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Capreol groups band together to host municipal election debates

Although the Oct. 5 mayoral candidate debate will be broad in scope, Capreol Community Action Network chair Randy Crisp said there will be a uniquely Capreol angle to the event
A poster for the two upcoming municipal candidates events in Capreol.

The community of Capreol will be hotbed for political discourse in the coming weeks, with two municipal election debates being organized by a trio of community organizations.

On Sept. 26, a Ward 7 council candidates debate is taking place, which will be followed by an Oct. 5 mayoral candidates debate. Both events begin at 7 p.m. at the Capreol Arena.

The events are being hosted by the Capreol Community Action Network (CAN), the Capreol Lions Club and the Capreol Royal Canadian Legion Branch 179.

CAN chair Randy Crisp told the intention is to provide each candidate with 15 minutes of speaking time followed by questions, which he anticipates will run the gamut but focus especially on the community of Capreol. 

They’ll be given ample time to “expound on what their platform is and what they’ll do for the city and ward,” he said.

The organizers are setting up 150 chairs for each event, Crisp said, adding he’d be happy if at least 75 people showed up to see what the candidates have to say. 

“Have a little coffee and a Timbit, and go from there.”

Possible topics include day-to-day things like garbage collection to wider-reaching ideas such as city council’s dedication to its outlying communities.

“Are you going to give credence to the fact that the folks in the outlying communities need and deserve more services, be it a pool, a splash pad, an arena, whatever?” Crisp asked of candidates, adding a proposed seniors residence might also come up for discussion.

These events are both open to the public, and Crisp said residents of area communities might also be interested in what the candidates have to say, be they Ward 7 or mayoral.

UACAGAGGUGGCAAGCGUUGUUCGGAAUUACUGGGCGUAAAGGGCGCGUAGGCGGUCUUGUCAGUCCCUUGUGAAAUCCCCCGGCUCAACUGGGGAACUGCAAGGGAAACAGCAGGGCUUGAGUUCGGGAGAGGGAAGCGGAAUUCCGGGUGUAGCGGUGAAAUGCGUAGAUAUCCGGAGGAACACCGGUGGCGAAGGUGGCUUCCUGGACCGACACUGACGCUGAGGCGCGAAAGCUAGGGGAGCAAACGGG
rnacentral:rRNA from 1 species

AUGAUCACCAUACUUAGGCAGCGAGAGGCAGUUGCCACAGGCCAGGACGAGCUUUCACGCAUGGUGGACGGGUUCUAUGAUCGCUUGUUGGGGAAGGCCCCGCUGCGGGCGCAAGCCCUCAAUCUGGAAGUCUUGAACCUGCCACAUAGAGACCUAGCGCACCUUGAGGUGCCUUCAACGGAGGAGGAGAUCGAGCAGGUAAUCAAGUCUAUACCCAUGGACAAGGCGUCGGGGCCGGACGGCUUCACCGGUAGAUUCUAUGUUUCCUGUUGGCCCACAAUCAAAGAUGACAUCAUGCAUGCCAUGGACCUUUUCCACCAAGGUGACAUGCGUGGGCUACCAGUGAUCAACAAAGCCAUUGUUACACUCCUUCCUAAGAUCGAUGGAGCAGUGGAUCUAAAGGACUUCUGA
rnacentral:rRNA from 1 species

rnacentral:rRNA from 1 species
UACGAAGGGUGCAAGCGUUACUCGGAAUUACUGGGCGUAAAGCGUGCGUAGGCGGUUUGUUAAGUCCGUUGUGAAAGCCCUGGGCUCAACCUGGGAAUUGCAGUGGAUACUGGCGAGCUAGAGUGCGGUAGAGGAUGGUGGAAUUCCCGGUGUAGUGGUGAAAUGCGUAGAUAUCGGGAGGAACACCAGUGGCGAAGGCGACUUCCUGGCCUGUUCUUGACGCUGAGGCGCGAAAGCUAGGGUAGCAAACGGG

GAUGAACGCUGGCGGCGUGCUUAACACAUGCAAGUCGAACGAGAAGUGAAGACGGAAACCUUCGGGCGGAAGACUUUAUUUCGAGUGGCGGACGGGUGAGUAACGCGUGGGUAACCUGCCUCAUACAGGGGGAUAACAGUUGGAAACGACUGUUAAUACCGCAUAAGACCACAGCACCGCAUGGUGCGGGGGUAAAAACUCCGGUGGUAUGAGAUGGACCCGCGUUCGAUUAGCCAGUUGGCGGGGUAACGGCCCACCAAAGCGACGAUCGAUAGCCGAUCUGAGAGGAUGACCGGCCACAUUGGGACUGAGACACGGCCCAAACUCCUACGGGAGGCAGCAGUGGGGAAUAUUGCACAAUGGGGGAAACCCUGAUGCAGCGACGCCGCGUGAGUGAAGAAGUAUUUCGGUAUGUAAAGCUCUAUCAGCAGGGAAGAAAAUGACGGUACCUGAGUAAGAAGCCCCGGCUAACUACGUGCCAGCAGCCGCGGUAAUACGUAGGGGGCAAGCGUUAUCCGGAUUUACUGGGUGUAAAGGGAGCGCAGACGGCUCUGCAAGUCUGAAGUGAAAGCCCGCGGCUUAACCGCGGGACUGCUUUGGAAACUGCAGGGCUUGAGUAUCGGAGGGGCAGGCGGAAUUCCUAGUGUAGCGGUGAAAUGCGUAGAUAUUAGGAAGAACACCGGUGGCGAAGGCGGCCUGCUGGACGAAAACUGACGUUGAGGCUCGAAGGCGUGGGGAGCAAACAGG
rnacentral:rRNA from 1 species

“What’s good for Capreol sometimes is also good for Garson and Skead and Falconbridge,” he said, adding there are various shared concerns among residents of various communities.

Ward 7 is a unique race in the Oct. 24 civic election, in that it’s the only municipal ward that doesn’t have an incumbent seeking re-election.

In December, Mike Jakubo announced he would not be seeking re-election, citing an incohesive city council and family priorities as fueling his decision. During his final meeting as chair of the city’s finance and administration committee meeting last month, his colleagues around council chambers sang his praises in a farewell address.

The four candidates seeking election in Ward 7 include Randy Hazlett, Natalie Labbée, Mark McKillop and Daniel Wiebes.

All nine mayoral candidates have been invited to take part in the Oct. 5 mayoral debate, which joins at least three other public mayoral candidate debates/forums scheduled to take place. 

These other mayoral candidate events include, in order:

  • An Oct. 1 “Meet the Mayoral Candidates” event at the ParkSide Older Adult Centre (140 Durham Street) beginning at 1:30 p.m. This event is being hosted by the Canadian Association for Retired Persons Sudbury Chapter and the Sudbury Arts Council. All mayoral candidates have been invited to participate.
  • On Oct. 3, Coalition for a Livable Sudbury is hosting a mayoral town hall at Sudbury Indie Cinema (162 MacKenzie St.) from 7-9 p.m. The event will focus on “environmental and social issues.”
  • On Oct. 6, the Greater Sudbury Chamber of Commerce is hosting a “Mayoral Candidates’ Fireside Chat” at  the Collège Boréal concert hall from 7-9 p.m. Five mayoral candidates selected by members will participate, including Brian Bigger, Evelyn Dutrisac, Paul Lefebvre, Miranda Rocca-Circelli and Mila Wong.

Tyler Clarke covers city hall and political affairs for